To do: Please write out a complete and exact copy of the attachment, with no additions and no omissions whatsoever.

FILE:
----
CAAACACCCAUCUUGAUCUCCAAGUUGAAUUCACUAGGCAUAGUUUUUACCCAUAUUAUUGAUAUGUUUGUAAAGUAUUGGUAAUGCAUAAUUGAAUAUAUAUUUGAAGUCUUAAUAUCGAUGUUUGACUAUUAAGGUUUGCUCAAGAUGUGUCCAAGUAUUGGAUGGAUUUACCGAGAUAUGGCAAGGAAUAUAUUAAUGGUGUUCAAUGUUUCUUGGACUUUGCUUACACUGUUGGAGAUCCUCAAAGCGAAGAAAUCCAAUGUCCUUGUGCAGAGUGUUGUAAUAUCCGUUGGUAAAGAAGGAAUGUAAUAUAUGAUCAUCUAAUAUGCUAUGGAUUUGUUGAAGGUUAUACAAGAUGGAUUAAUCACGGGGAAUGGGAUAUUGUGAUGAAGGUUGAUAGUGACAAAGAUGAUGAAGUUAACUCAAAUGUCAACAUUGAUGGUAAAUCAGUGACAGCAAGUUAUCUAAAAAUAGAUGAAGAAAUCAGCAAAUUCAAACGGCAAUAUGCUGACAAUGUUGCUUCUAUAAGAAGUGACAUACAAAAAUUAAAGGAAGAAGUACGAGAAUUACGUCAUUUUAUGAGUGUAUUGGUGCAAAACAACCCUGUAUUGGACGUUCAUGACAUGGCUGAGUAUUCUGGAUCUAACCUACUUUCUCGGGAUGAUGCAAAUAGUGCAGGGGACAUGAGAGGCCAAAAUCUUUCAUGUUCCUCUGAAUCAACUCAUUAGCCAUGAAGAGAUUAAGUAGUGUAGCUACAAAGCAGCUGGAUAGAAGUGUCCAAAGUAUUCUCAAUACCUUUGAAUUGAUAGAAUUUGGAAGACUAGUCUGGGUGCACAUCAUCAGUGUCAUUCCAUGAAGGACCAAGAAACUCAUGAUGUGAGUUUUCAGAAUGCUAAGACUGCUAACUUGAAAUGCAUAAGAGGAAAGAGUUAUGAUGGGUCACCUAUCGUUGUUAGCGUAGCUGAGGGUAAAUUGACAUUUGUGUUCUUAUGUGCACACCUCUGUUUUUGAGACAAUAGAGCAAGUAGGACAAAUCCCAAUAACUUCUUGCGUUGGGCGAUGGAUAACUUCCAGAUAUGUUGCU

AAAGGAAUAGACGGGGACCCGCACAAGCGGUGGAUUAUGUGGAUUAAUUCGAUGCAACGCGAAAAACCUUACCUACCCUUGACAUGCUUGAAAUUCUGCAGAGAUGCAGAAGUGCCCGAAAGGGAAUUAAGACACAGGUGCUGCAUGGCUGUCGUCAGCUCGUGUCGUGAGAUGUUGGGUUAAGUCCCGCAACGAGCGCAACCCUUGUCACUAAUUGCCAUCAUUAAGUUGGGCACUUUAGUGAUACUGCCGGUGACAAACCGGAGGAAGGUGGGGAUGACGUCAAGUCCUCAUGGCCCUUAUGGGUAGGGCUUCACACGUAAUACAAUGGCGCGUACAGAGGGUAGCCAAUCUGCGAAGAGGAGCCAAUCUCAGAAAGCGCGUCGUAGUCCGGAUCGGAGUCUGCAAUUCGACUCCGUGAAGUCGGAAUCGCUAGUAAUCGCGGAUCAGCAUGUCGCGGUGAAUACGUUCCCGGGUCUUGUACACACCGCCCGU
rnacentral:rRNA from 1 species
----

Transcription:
CAAACACCCAUCUUGAUCUCCAAGUUGAAUUCACUAGGCAUAGUUUUUACCCAUAUUAUUGAUAUGUUUGUAAAGUAUUGGUAAUGCAUAAUUGAAUAUAUAUUUGAAGUCUUAAUAUCGAUGUUUGACUAUUAAGGUUUGCUCAAGAUGUGUCCAAGUAUUGGAUGGAUUUACCGAGAUAUGGCAAGGAAUAUAUUAAUGGUGUUCAAUGUUUCUUGGACUUUGCUUACACUGUUGGAGAUCCUCAAAGCGAAGAAAUCCAAUGUCCUUGUGCAGAGUGUUGUAAUAUCCGUUGGUAAAGAAGGAAUGUAAUAUAUGAUCAUCUAAUAUGCUAUGGAUUUGUUGAAGGUUAUACAAGAUGGAUUAAUCACGGGGAAUGGGAUAUUGUGAUGAAGGUUGAUAGUGACAAAGAUGAUGAAGUUAACUCAAAUGUCAACAUUGAUGGUAAAUCAGUGACAGCAAGUUAUCUAAAAAUAGAUGAAGAAAUCAGCAAAUUCAAACGGCAAUAUGCUGACAAUGUUGCUUCUAUAAGAAGUGACAUACAAAAAUUAAAGGAAGAAGUACGAGAAUUACGUCAUUUUAUGAGUGUAUUGGUGCAAAACAACCCUGUAUUGGACGUUCAUGACAUGGCUGAGUAUUCUGGAUCUAACCUACUUUCUCGGGAUGAUGCAAAUAGUGCAGGGGACAUGAGAGGCCAAAAUCUUUCAUGUUCCUCUGAAUCAACUCAUUAGCCAUGAAGAGAUUAAGUAGUGUAGCUACAAAGCAGCUGGAUAGAAGUGUCCAAAGUAUUCUCAAUACCUUUGAAUUGAUAGAAUUUGGAAGACUAGUCUGGGUGCACAUCAUCAGUGUCAUUCCAUGAAGGACCAAGAAACUCAUGAUGUGAGUUUUCAGAAUGCUAAGACUGCUAACUUGAAAUGCAUAAGAGGAAAGAGUUAUGAUGGGUCACCUAUCGUUGUUAGCGUAGCUGAGGGUAAAUUGACAUUUGUGUUCUUAUGUGCACACCUCUGUUUUUGAGACAAUAGAGCAAGUAGGACAAAUCCCAAUAACUUCUUGCGUUGGGCGAUGGAUAACUUCCAGAUAUGUUGCU

AAAGGAAUAGACGGGGACCCGCACAAGCGGUGGAUUAUGUGGAUUAAUUCGAUGCAACGCGAAAAACCUUACCUACCCUUGACAUGCUUGAAAUUCUGCAGAGAUGCAGAAGUGCCCGAAAGGGAAUUAAGACACAGGUGCUGCAUGGCUGUCGUCAGCUCGUGUCGUGAGAUGUUGGGUUAAGUCCCGCAACGAGCGCAACCCUUGUCACUAAUUGCCAUCAUUAAGUUGGGCACUUUAGUGAUACUGCCGGUGACAAACCGGAGGAAGGUGGGGAUGACGUCAAGUCCUCAUGGCCCUUAUGGGUAGGGCUUCACACGUAAUACAAUGGCGCGUACAGAGGGUAGCCAAUCUGCGAAGAGGAGCCAAUCUCAGAAAGCGCGUCGUAGUCCGGAUCGGAGUCUGCAAUUCGACUCCGUGAAGUCGGAAUCGCUAGUAAUCGCGGAUCAGCAUGUCGCGGUGAAUACGUUCCCGGGUCUUGUACACACCGCCCGU
rnacentral:rRNA from 1 species